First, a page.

My chair’s one concession to my requests was to offer that I could be on the one committee I have, since my initial hire, asked not to serve. Before our problems, he always said that no one need serve on a committee where her preference was against it and she would take an alternative. Now, however, my long-standing and heretofore respected preference is taken as intransigence. My sense of the offer was that it amounted to a strategy for making my lack of service my fault: He expected I’d decline and having me do so explicitly was the purpose of offering it.

The trap I occupy is perhaps obvious. After my department’s ordeal, I tried to escape the perception that I am a trouble-maker; I have not “made trouble” in over 2 years. But it is not enough to rehabilitate me from my “errors.” I am not only on the margins, but deliberately kept there. Indeed, my service assignments are all work I must perform alone. And the worst of it is that in even asking to serve alongside others, I again “make trouble,” for in doing so I challenge the desired status quo.

I write this now, after never having written here about the other, much worse events, because I conclude that I am condemned no matter what I do and thus I may as well seek modest relief in speaking.

Just a reminder, there are philosophy departments out there that are a nightmare for women. No woman professors ever hired, professors (male of course) sleeping with graduate students, humiliating, sexist remarks made to women researchers on public occasions, and of course, last but not least: a war on the field of women’s studies and any and all related fields. (This means you, phenomenology.)

People crack alot of jokes about gender balance, and question whether people go too far with this kind of sensitivity. But there are alot of demoralized women out there. The women at the department I am talking about are probably too afraid to post on this blog.

I am the only female graduate student of color at my top Leiter-ranked university. Like so many other contributors to this site, I have a whole slew of stories that I could tell about my experience as a woman in philosophy. Here’s one that happened today:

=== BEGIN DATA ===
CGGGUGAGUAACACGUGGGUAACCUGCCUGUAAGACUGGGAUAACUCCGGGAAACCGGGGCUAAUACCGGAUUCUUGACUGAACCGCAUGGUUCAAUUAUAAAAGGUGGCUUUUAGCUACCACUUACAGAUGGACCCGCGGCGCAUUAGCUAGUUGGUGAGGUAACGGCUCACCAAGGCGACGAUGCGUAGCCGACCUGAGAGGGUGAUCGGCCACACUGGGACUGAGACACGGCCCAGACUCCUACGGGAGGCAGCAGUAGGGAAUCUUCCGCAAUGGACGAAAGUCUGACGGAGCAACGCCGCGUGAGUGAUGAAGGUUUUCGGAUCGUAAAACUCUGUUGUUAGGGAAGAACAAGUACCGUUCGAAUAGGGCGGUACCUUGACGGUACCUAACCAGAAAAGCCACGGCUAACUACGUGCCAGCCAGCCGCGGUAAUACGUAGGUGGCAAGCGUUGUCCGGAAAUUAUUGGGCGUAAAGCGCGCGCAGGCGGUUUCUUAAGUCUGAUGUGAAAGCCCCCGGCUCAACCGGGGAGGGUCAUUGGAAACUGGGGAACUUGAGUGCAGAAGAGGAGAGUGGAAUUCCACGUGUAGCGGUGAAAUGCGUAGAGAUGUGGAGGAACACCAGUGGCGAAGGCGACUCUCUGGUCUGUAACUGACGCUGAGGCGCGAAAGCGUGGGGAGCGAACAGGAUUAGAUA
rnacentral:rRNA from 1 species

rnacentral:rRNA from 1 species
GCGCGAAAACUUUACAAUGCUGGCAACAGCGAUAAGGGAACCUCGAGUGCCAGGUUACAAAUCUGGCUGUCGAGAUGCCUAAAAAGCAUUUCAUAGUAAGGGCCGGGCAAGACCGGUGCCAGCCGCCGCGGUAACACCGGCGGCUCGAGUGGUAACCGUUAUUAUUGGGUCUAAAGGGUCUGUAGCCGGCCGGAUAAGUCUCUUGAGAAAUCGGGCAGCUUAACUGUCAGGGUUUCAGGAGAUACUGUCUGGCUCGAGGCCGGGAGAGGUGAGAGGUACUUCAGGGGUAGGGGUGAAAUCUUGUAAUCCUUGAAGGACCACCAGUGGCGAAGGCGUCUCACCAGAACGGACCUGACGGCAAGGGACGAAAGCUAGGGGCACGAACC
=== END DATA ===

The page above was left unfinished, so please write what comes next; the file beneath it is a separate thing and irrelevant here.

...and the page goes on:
We often have many visiting scholars come through the university to present at our seminar series. Most of the people present today at the seminar were male, white, and more senior than I. There were also other faculty members visiting from other universities; again, they were all white males.

Anyway, after the official session was over, several of the audience members (myself included) lingered around to chat with the speaker to ask follow-up questions that were not addressed in the seminar. As is usual practice, I stood behind the person who was asking the current question, as to form a queue to talk to the speaker. After patiently waiting for several minutes, my turn arrived. However, as I was about to ask my question, I was interrupted by visiting professor who proceeded to completely disregard the queue and ask his question, even though it was quite apparent to all parties concerned that I was next in line. And then it turned out that he was asking the same thing that I wanted to as well!

Neither the speaker nor the other people in the queue made any acknowledgement of what had just happened. I felt frustrated and disheartened; it’s hard enough already for me to speak up, but this incident made me feel as if the fact that I’m young and female must have meant that I surely didn’t have anything interesting to say, and so it would have been okay to talk over me. I am almost certain that this would never have happened if it had been anyone else in the room.

For what it matters, the speaker was also male and white, but junior faculty.